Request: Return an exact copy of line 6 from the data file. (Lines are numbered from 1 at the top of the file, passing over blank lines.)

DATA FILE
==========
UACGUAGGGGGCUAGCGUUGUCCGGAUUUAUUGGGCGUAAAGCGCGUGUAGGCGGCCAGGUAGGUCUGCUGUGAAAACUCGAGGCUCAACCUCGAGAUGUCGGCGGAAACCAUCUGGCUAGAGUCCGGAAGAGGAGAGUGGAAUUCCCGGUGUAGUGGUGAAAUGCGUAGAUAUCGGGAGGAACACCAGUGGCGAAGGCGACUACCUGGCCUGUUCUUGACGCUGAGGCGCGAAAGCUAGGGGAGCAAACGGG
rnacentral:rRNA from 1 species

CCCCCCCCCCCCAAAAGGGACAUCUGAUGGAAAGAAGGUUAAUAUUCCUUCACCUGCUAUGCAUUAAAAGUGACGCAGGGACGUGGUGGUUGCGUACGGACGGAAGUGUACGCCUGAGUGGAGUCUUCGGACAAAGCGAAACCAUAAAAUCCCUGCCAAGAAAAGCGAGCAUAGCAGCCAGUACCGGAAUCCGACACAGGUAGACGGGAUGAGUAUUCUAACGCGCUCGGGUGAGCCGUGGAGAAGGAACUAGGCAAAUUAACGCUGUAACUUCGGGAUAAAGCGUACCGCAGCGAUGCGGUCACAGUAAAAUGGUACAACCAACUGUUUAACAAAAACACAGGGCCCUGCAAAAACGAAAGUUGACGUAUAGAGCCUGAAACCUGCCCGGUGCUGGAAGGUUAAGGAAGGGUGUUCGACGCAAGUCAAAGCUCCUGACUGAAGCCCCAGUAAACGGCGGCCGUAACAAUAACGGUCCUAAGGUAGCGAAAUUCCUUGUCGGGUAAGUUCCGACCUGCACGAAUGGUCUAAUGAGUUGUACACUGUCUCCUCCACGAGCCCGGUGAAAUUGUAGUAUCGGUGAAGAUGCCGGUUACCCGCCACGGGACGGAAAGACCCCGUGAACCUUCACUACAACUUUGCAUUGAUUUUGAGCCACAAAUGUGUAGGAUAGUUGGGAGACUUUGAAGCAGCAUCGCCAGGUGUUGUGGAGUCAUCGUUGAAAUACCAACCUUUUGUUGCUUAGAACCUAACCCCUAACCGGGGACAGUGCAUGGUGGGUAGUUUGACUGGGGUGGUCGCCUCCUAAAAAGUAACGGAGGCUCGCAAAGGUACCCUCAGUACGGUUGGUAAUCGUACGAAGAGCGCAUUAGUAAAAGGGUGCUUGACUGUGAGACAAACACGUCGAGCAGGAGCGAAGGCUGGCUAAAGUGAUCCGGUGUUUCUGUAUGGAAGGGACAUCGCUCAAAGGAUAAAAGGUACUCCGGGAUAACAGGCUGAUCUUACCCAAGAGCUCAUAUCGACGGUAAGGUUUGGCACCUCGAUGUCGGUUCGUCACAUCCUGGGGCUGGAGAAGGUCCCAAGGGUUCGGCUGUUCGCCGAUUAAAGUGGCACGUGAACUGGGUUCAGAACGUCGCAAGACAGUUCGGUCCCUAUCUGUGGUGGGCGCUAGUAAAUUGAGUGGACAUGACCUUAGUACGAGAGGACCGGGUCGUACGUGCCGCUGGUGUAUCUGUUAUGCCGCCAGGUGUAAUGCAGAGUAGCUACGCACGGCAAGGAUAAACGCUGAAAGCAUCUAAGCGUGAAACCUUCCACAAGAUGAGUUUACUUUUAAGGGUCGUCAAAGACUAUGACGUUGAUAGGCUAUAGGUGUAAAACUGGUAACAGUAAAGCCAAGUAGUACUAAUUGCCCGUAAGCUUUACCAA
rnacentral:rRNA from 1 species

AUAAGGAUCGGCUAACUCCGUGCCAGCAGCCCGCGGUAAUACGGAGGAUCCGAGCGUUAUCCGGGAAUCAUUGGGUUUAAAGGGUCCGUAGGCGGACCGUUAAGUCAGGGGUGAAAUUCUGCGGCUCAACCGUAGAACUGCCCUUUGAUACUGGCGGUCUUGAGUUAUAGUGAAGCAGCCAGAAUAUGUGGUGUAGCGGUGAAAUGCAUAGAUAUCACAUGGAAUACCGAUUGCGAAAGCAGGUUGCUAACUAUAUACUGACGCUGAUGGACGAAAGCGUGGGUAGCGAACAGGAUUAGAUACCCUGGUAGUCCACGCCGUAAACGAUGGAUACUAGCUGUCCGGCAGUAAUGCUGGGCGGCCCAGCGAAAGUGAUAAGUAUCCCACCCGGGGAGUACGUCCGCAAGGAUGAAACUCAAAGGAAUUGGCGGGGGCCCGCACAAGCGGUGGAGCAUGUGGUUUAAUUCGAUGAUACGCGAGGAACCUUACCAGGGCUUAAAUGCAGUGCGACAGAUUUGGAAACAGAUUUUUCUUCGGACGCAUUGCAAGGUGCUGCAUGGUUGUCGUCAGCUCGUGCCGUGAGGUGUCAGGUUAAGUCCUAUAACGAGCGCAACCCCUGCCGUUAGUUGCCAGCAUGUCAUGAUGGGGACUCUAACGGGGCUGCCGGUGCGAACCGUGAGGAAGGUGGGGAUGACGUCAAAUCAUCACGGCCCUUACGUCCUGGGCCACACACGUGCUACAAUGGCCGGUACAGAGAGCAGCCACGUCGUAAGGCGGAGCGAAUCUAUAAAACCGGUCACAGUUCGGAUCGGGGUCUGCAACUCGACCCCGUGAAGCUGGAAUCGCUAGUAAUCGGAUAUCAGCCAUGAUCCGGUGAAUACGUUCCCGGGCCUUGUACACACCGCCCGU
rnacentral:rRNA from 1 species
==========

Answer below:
rnacentral:rRNA from 1 species